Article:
Sky, in particular, has stirred up the sector with its aggressive marketing of HD and its offer of more than 30 HD channels, albeit at a cost of at least £28 a month, against Freeview's BBC HD, ITV HD and Channel 4 HD offer. Hunt says: "Sky is one of our shareholders and the truth is there is space for both in the market. We're offering the most-watched, favourite channels in HD, not every nth channel. We appeal to the mass market, Sky is doing something else."

Some 2.1 million of the ten million-plus Freeview homes have invested in Freeview+ PVR technology, so the growth potential for enhanced Freeview services is there, but there are also drawbacks. Engineering issues mean that Freeview can currently only supply around 50 per cent of the country with a HD signal (rising to 60 per cent by the close of the year and 90 per cent by the 2012 Olympics), so the brand campaign arguably risks creating disappointment for some viewers who can't access the signal.

Hunt leaves Freeview for Canvas next month, which may seem familiar territory following his previous job as the marketing director of Project Kangaroo, the IPTV venture that was blocked by regulators. Canvas is in the similar situation of facing an investigation by the Office of Fair Trading and it would be a blow to Hunt if history were to repeat itself - Kangaroo was all set to launch under the name "SeeSaw" (now finally a brand under its new owner, Arqiva) and he says what happened was damaging to the TV industry: "The shame of it was that ad revenue that could have come back into UK plc might now not. I'm not sure if Hulu will launch in the UK, but if it does enter the market, then that ad revenue will not be coming back into the UK."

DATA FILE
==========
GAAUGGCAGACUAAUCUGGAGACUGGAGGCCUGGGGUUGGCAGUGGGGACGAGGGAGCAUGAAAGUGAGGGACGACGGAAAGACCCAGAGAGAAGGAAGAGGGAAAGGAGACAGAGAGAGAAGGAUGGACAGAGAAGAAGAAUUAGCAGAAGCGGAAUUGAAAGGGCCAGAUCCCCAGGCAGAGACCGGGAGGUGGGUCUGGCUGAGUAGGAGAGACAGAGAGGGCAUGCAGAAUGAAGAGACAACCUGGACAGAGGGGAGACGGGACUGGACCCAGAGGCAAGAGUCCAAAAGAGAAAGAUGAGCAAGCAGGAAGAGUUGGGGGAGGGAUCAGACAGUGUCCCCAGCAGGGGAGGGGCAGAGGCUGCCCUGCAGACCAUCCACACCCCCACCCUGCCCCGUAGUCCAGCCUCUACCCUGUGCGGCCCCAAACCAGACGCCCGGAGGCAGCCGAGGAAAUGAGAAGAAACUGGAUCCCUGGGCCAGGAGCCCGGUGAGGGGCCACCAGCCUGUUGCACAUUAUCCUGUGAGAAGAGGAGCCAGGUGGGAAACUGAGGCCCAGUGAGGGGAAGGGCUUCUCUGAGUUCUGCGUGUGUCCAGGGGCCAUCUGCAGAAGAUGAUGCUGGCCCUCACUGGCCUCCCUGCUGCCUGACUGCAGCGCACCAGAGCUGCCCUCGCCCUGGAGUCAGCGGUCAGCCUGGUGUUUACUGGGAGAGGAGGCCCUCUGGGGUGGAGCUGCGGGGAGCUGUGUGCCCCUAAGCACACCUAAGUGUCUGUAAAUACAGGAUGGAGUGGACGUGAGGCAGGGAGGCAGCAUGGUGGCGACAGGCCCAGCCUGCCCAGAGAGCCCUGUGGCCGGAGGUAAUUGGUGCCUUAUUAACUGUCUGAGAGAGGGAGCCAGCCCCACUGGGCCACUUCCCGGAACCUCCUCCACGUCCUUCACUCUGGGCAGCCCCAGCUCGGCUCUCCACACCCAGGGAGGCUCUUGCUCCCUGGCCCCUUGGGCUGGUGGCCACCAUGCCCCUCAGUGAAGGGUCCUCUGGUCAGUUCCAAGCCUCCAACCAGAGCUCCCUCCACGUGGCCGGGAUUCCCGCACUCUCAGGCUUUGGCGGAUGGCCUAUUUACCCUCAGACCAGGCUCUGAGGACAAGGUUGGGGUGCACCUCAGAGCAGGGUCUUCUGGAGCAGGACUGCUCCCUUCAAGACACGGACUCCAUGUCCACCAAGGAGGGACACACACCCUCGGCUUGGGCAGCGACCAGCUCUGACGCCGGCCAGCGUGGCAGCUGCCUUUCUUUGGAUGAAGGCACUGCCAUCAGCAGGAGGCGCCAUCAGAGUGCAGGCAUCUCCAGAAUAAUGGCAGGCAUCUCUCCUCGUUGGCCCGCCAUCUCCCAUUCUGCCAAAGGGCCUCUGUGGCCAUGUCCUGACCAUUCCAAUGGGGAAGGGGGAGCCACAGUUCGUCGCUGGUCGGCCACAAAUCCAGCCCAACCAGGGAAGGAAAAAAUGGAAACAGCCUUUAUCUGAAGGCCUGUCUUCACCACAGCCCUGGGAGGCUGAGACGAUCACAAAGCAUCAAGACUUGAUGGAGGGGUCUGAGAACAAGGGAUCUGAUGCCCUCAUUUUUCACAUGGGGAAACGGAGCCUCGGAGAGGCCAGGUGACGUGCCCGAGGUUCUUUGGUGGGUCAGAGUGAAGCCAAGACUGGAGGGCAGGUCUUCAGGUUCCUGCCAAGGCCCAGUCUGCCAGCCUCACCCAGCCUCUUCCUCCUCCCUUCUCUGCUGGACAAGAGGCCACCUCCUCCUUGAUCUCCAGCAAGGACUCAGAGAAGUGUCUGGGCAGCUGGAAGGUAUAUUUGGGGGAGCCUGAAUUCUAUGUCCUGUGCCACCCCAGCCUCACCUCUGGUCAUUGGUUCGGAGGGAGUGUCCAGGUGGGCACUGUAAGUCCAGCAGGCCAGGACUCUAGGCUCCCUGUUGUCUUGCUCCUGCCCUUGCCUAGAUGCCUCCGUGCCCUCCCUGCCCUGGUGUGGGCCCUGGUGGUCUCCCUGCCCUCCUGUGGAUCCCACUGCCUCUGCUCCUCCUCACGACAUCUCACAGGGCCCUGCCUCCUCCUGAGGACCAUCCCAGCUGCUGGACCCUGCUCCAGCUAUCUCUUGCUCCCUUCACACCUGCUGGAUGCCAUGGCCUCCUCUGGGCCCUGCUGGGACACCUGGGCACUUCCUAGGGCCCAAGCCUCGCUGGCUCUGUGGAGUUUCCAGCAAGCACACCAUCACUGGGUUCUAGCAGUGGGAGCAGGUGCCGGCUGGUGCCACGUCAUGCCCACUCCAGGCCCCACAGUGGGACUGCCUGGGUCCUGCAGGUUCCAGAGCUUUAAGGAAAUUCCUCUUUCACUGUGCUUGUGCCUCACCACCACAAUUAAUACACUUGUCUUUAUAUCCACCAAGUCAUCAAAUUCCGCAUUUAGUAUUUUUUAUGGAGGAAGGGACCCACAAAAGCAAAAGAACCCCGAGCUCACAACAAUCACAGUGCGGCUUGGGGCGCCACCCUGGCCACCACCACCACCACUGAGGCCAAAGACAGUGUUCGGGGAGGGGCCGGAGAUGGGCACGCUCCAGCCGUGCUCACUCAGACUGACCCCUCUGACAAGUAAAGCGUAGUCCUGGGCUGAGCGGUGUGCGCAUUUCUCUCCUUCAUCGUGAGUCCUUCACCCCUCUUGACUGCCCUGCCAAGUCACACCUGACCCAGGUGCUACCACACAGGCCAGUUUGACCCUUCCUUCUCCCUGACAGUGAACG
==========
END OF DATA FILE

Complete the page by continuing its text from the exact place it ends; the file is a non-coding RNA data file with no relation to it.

Yet the experience of Kangaroo has not put Hunt off joining Canvas, which just might see the light of day by the end of 2010. He says: "Canvas seems like a natural evolution for me and it's attractive to be involved in the internet coming to TV. It was brilliant and surprising to see ordinary people, not Clerkenwell media types, working out how the iPlayer fits in with their lives and that shows that there is a way for non-linear TV to be a real success."

There may be nervous times ahead for Hunt as Canvas faces regulatory hurdles, but he has valuable experience of launching media brands and continues to relish the opportunity of selling the new frontier of TV to a mass audience.


Age: 44

Lives: Hammersmith

Family: Grace, ten; Cicely, eight; Charlie, six

Most treasured possession: A portrait of Mick Jagger my wife, Hymie, bought me a long time ago

Favourite television shows: Wallander (Swedish version), Being Human, The Wire

Favourite gadget: iPhone

Last book you read: Depths by Henning Mankell (the Swedish obsession continues)

Motto: I try to remember Bill Bernbach's "An idea can turn to dust or magic, depending on the talent that rubs against it"